The COVID-19 pandemic has upended lives everywhere, but we know that it hits hardest those who have the least, including refugees and displaced persons. For them, the dangers have compounded. Half of the world’s refugees are women and girls.
Of the 71 million people forcibly displaced around the world, over 80 per cent of refugees and nearly all internally displaced people are hosted in low- and middle-income countries. They face added risks of having limited access to water, sanitation systems and health facilities. But they also bring with them skills, leadership and resilience, which we need to emerge from this crisis and build back better.
On World Refugee Day, 20 June, we’re bringing forward the voices of women refugees who have been on the front lines of the pandemic, and who know the specific needs of their community better than anyone else. From sharing information on how to prevent the virus spread in Bangladesh to sewing protective face masks in Kenya, women refugees have stepped up to protect their communities and they cannot afford to be invisible in recovery plans.
For women volunteers in the Rohingya refugee camps in Cox’s Bazar, preventing the spread of COVID-19 became an urgent priority when the virus reached Bangladesh.
“We are afraid because we have nothing,” says Mobina Khatun, 45, a Rohingya woman volunteer in the Ukhiya sector of Cox’s Bazar, Bangladesh. “As we live in a very congested area, if there is limited access to medical treatment and the virus comes here, we will all die. So, we need sufficient hygiene materials like soaps and masks, along with doctors and nurses.”
As social norms and gender roles in Rohingya communities limit women and girls’ access to information, leaving them more vulnerable to the virus, Mobina and more than 20 other women volunteered and formed networks to raise awareness on COVID-19 across all camps.
Every day, she conducts door-to-door visits with women in Camp 4, providing crucial prevention information, while observing physical distancing. She tells the women how to protect themselves by hand-washing, maintaining physical distancing, and what to do if they or their family members get infected. To help mitigate the increased risk of domestic violence and abuse, she connects women and girls to the women-friendly spaces established in the camps by UN Women.
As schools in Jordan closed to stop the spread of the new coronavirus and e-learning platforms became necessary, new challenges arose for students and families in the refugee camps. UN Women worked with partners to increase the number of teaching assistants as part of cash-for-work programme at the UN Women Oasis Centres in the Za’atari camp. The new teaching assistants, like Nahid Ali Albuhair, 31, provide remote support with the online curriculum being delivered by the Ministry of Education.
“I have realized that education is one of the most powerful tools to empower women and girls, as it can equip them with knowledge and skills, as well as with the confidence to stand up for their rights,” she says.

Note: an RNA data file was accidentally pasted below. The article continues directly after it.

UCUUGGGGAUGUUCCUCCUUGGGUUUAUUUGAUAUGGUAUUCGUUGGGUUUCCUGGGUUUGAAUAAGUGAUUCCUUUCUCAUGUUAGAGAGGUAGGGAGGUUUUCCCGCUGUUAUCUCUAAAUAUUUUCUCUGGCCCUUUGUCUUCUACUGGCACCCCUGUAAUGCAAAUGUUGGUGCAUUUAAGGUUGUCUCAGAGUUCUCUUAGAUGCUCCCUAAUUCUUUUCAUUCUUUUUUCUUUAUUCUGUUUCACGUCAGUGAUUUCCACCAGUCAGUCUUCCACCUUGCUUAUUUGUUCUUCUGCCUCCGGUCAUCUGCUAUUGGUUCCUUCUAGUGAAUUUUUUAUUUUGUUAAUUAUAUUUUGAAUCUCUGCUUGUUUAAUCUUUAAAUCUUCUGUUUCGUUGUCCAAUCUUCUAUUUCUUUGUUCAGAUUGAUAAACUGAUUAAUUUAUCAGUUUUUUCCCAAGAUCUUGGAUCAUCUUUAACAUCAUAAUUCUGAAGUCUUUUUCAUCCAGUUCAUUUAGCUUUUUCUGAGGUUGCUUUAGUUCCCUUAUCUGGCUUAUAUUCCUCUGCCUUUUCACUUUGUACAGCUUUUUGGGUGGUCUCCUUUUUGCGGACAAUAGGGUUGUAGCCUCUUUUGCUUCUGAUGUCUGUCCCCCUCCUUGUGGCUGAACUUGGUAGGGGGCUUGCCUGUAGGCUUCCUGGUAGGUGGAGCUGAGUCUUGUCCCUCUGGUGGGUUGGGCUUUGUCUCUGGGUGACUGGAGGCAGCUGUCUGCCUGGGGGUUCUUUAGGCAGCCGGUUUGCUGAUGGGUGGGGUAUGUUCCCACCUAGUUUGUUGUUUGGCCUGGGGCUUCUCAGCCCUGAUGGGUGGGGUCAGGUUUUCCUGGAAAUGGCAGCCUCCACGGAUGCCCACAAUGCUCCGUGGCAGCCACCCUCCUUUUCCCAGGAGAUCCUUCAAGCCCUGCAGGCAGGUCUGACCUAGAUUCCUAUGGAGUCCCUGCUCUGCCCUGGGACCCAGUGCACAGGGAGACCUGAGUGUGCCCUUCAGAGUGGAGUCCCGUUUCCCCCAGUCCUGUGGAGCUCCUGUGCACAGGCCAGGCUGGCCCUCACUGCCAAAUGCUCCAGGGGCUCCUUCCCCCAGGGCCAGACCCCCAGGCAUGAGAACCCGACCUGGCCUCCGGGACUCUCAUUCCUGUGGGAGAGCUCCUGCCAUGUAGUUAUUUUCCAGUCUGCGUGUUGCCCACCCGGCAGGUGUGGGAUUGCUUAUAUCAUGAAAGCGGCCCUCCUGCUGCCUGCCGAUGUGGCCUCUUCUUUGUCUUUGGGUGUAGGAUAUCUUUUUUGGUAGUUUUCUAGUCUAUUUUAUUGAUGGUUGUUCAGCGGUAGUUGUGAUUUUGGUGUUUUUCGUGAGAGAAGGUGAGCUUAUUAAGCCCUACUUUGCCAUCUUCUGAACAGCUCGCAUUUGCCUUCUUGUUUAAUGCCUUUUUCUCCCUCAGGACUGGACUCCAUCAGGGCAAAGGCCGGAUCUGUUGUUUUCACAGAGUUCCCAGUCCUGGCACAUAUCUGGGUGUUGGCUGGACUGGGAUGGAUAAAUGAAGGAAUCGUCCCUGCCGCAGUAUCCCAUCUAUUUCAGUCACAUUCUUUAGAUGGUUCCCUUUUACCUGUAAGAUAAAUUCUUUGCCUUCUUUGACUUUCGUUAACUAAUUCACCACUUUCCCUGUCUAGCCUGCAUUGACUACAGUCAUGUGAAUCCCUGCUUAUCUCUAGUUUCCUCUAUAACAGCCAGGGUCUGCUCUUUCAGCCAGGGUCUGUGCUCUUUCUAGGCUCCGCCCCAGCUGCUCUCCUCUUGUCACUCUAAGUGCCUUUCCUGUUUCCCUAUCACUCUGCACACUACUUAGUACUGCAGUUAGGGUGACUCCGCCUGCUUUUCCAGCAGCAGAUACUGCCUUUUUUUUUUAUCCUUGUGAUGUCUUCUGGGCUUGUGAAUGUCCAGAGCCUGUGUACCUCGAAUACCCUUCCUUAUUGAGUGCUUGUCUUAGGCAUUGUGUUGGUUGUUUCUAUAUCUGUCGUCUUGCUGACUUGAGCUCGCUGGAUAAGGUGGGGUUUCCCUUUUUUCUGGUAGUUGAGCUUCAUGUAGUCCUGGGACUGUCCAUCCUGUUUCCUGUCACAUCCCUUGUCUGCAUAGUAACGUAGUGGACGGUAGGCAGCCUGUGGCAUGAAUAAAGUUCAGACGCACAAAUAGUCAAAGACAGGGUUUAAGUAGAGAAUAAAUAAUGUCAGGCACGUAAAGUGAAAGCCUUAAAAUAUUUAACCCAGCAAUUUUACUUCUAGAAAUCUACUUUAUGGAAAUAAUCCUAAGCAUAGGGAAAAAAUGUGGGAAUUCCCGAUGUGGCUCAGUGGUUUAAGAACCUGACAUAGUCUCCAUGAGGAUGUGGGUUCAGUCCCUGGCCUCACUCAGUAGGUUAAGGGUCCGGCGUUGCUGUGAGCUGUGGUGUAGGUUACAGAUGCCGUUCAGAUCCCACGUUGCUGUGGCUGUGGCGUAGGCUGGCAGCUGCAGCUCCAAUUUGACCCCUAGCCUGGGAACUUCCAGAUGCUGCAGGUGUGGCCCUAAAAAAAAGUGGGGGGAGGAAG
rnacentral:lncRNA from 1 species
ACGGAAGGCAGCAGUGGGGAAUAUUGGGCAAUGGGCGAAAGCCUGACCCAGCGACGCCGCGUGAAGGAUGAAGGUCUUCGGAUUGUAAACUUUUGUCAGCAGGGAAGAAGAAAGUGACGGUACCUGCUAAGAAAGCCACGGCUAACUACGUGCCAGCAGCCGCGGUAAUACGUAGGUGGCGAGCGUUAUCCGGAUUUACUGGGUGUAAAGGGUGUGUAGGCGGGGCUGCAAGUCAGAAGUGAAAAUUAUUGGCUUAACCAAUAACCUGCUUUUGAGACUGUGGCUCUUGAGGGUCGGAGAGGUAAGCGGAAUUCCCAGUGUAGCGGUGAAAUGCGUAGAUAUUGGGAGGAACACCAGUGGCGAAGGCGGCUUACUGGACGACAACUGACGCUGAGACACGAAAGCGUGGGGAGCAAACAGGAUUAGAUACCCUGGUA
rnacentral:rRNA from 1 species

Nahid provides Arabic literacy lessons by using the wall of her caravan as a canvas for her video-based classes.
“As we face the COVID-19 pandemic, it is critical that we adapt our teaching methods to ensure women, girls, and youth still have access to education during the lockdown. I continue to teach my students virtually, recording videos of my lessons, and sending them to their parents [so that they can] assist them with their homework,” Nahid says.
Margaret Kaukau, 39, fled the conflict in South Sudan in 2016. After arriving at the Kakuma/Kalobeyei settlement in Kenya with her five children, she received livelihood and vocation skills training through a UN Women partnership with Africa Action Help International (AAHI), supported by the government of Japan. Since then, Margaret has supported her family by selling bags and beadwork.
As the risks of COVID-19 reached the Kakuma/Kalobeyei settlements, Margaret and others became worried. Social distancing and working from home were not viable options for many of the more than 200,000 refugees and host community members, living in large households with close quarters.
For Margaret, the need for fabric masks became clear and she and other women pivoted their businesses to meet the needs of the community.
“We came up with business ideas that will make our skills relevant and join the fight against the pandemic,” Margaret explains. “I saw there was need for face masks in my family following the government directives. Medical-grade masks were very expensive, but fabric ones were affordable.”
Based out of the local handcraft centre, Margaret and other programme participants have created and donated over 2,000 masks to the United Nations High Commission for Refugees (UNHCR), to be distributed to some of the camp’s most vulnerable. They have also been able to sell masks to nearby communities to continue supporting their families.
“When I see my clients wearing face masks we produced, I feel proud,” Margaret says. “I am joining rest of the women in the world in the fight against COVID-19.”
Credit: UN Women